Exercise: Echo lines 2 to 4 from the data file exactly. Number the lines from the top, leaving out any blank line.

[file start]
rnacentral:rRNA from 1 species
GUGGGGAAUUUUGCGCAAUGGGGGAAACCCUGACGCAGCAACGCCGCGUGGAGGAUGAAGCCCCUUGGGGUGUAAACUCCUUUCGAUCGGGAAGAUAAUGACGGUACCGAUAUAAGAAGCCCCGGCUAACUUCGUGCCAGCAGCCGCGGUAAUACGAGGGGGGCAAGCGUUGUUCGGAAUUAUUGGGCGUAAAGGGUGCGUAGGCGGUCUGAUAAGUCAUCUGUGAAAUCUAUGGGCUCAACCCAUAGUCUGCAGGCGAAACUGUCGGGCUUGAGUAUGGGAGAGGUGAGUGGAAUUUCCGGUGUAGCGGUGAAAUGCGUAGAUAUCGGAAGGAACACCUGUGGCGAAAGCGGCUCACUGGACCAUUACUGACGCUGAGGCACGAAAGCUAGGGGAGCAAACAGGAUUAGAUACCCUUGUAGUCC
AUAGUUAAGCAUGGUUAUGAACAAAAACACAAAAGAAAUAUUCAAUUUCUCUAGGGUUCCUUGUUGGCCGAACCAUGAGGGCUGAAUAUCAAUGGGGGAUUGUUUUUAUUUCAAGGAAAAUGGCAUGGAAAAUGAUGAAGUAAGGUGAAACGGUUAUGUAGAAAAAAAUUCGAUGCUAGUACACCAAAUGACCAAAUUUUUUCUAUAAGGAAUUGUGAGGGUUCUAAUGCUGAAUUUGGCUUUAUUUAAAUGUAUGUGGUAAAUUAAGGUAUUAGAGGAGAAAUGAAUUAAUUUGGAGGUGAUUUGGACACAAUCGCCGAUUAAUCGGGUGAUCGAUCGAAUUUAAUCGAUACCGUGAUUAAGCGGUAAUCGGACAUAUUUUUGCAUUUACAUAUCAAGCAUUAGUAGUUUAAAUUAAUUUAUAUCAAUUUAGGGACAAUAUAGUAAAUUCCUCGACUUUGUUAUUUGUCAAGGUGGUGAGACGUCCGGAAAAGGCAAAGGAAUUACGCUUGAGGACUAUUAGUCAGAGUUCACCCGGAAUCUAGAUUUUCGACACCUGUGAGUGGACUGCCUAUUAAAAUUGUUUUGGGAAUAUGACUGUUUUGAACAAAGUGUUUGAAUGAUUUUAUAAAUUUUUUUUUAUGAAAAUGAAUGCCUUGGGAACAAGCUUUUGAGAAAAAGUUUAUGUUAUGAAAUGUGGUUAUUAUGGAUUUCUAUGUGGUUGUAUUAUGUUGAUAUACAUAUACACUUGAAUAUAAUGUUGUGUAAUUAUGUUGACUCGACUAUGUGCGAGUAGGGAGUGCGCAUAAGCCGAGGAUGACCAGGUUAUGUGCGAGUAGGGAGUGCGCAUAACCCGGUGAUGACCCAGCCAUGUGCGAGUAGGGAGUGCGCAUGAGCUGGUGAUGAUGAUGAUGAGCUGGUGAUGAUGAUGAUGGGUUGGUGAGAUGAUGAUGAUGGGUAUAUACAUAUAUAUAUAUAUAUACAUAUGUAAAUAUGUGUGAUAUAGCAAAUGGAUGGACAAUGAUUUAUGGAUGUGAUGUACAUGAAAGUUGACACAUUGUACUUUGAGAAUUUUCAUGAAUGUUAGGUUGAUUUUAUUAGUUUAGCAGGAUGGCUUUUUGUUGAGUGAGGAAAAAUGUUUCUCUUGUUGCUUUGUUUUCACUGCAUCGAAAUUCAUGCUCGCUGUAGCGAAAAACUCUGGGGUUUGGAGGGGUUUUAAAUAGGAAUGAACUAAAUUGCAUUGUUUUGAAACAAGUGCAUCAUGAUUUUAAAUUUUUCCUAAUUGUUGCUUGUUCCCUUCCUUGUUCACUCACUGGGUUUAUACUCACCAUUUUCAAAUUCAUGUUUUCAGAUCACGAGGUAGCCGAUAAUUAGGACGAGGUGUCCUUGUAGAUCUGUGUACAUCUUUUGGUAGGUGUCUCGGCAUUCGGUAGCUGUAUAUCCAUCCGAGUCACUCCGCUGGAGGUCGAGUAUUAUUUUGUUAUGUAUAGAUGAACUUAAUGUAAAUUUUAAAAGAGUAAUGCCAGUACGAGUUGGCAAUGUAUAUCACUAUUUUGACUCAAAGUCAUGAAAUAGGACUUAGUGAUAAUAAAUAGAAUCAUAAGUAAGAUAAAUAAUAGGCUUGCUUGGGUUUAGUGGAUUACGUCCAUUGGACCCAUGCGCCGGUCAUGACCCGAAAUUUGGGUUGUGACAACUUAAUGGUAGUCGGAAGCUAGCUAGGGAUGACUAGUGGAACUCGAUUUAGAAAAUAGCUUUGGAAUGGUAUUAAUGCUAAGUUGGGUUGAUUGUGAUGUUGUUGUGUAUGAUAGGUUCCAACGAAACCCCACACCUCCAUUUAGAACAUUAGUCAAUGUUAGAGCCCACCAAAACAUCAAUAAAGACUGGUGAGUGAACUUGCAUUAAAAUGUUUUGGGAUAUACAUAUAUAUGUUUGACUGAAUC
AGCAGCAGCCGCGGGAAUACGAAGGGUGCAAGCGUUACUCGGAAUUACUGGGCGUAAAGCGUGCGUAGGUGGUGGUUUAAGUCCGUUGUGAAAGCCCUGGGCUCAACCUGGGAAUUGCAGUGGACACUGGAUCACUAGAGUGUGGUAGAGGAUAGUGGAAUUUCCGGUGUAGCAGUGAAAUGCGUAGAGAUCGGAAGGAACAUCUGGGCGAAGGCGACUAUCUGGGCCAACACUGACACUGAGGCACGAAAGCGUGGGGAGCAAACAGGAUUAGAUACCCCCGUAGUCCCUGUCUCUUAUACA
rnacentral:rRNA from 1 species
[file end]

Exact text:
GUGGGGAAUUUUGCGCAAUGGGGGAAACCCUGACGCAGCAACGCCGCGUGGAGGAUGAAGCCCCUUGGGGUGUAAACUCCUUUCGAUCGGGAAGAUAAUGACGGUACCGAUAUAAGAAGCCCCGGCUAACUUCGUGCCAGCAGCCGCGGUAAUACGAGGGGGGCAAGCGUUGUUCGGAAUUAUUGGGCGUAAAGGGUGCGUAGGCGGUCUGAUAAGUCAUCUGUGAAAUCUAUGGGCUCAACCCAUAGUCUGCAGGCGAAACUGUCGGGCUUGAGUAUGGGAGAGGUGAGUGGAAUUUCCGGUGUAGCGGUGAAAUGCGUAGAUAUCGGAAGGAACACCUGUGGCGAAAGCGGCUCACUGGACCAUUACUGACGCUGAGGCACGAAAGCUAGGGGAGCAAACAGGAUUAGAUACCCUUGUAGUCC
AUAGUUAAGCAUGGUUAUGAACAAAAACACAAAAGAAAUAUUCAAUUUCUCUAGGGUUCCUUGUUGGCCGAACCAUGAGGGCUGAAUAUCAAUGGGGGAUUGUUUUUAUUUCAAGGAAAAUGGCAUGGAAAAUGAUGAAGUAAGGUGAAACGGUUAUGUAGAAAAAAAUUCGAUGCUAGUACACCAAAUGACCAAAUUUUUUCUAUAAGGAAUUGUGAGGGUUCUAAUGCUGAAUUUGGCUUUAUUUAAAUGUAUGUGGUAAAUUAAGGUAUUAGAGGAGAAAUGAAUUAAUUUGGAGGUGAUUUGGACACAAUCGCCGAUUAAUCGGGUGAUCGAUCGAAUUUAAUCGAUACCGUGAUUAAGCGGUAAUCGGACAUAUUUUUGCAUUUACAUAUCAAGCAUUAGUAGUUUAAAUUAAUUUAUAUCAAUUUAGGGACAAUAUAGUAAAUUCCUCGACUUUGUUAUUUGUCAAGGUGGUGAGACGUCCGGAAAAGGCAAAGGAAUUACGCUUGAGGACUAUUAGUCAGAGUUCACCCGGAAUCUAGAUUUUCGACACCUGUGAGUGGACUGCCUAUUAAAAUUGUUUUGGGAAUAUGACUGUUUUGAACAAAGUGUUUGAAUGAUUUUAUAAAUUUUUUUUUAUGAAAAUGAAUGCCUUGGGAACAAGCUUUUGAGAAAAAGUUUAUGUUAUGAAAUGUGGUUAUUAUGGAUUUCUAUGUGGUUGUAUUAUGUUGAUAUACAUAUACACUUGAAUAUAAUGUUGUGUAAUUAUGUUGACUCGACUAUGUGCGAGUAGGGAGUGCGCAUAAGCCGAGGAUGACCAGGUUAUGUGCGAGUAGGGAGUGCGCAUAACCCGGUGAUGACCCAGCCAUGUGCGAGUAGGGAGUGCGCAUGAGCUGGUGAUGAUGAUGAUGAGCUGGUGAUGAUGAUGAUGGGUUGGUGAGAUGAUGAUGAUGGGUAUAUACAUAUAUAUAUAUAUAUACAUAUGUAAAUAUGUGUGAUAUAGCAAAUGGAUGGACAAUGAUUUAUGGAUGUGAUGUACAUGAAAGUUGACACAUUGUACUUUGAGAAUUUUCAUGAAUGUUAGGUUGAUUUUAUUAGUUUAGCAGGAUGGCUUUUUGUUGAGUGAGGAAAAAUGUUUCUCUUGUUGCUUUGUUUUCACUGCAUCGAAAUUCAUGCUCGCUGUAGCGAAAAACUCUGGGGUUUGGAGGGGUUUUAAAUAGGAAUGAACUAAAUUGCAUUGUUUUGAAACAAGUGCAUCAUGAUUUUAAAUUUUUCCUAAUUGUUGCUUGUUCCCUUCCUUGUUCACUCACUGGGUUUAUACUCACCAUUUUCAAAUUCAUGUUUUCAGAUCACGAGGUAGCCGAUAAUUAGGACGAGGUGUCCUUGUAGAUCUGUGUACAUCUUUUGGUAGGUGUCUCGGCAUUCGGUAGCUGUAUAUCCAUCCGAGUCACUCCGCUGGAGGUCGAGUAUUAUUUUGUUAUGUAUAGAUGAACUUAAUGUAAAUUUUAAAAGAGUAAUGCCAGUACGAGUUGGCAAUGUAUAUCACUAUUUUGACUCAAAGUCAUGAAAUAGGACUUAGUGAUAAUAAAUAGAAUCAUAAGUAAGAUAAAUAAUAGGCUUGCUUGGGUUUAGUGGAUUACGUCCAUUGGACCCAUGCGCCGGUCAUGACCCGAAAUUUGGGUUGUGACAACUUAAUGGUAGUCGGAAGCUAGCUAGGGAUGACUAGUGGAACUCGAUUUAGAAAAUAGCUUUGGAAUGGUAUUAAUGCUAAGUUGGGUUGAUUGUGAUGUUGUUGUGUAUGAUAGGUUCCAACGAAACCCCACACCUCCAUUUAGAACAUUAGUCAAUGUUAGAGCCCACCAAAACAUCAAUAAAGACUGGUGAGUGAACUUGCAUUAAAAUGUUUUGGGAUAUACAUAUAUAUGUUUGACUGAAUC
AGCAGCAGCCGCGGGAAUACGAAGGGUGCAAGCGUUACUCGGAAUUACUGGGCGUAAAGCGUGCGUAGGUGGUGGUUUAAGUCCGUUGUGAAAGCCCUGGGCUCAACCUGGGAAUUGCAGUGGACACUGGAUCACUAGAGUGUGGUAGAGGAUAGUGGAAUUUCCGGUGUAGCAGUGAAAUGCGUAGAGAUCGGAAGGAACAUCUGGGCGAAGGCGACUAUCUGGGCCAACACUGACACUGAGGCACGAAAGCGUGGGGAGCAAACAGGAUUAGAUACCCCCGUAGUCCCUGUCUCUUAUACA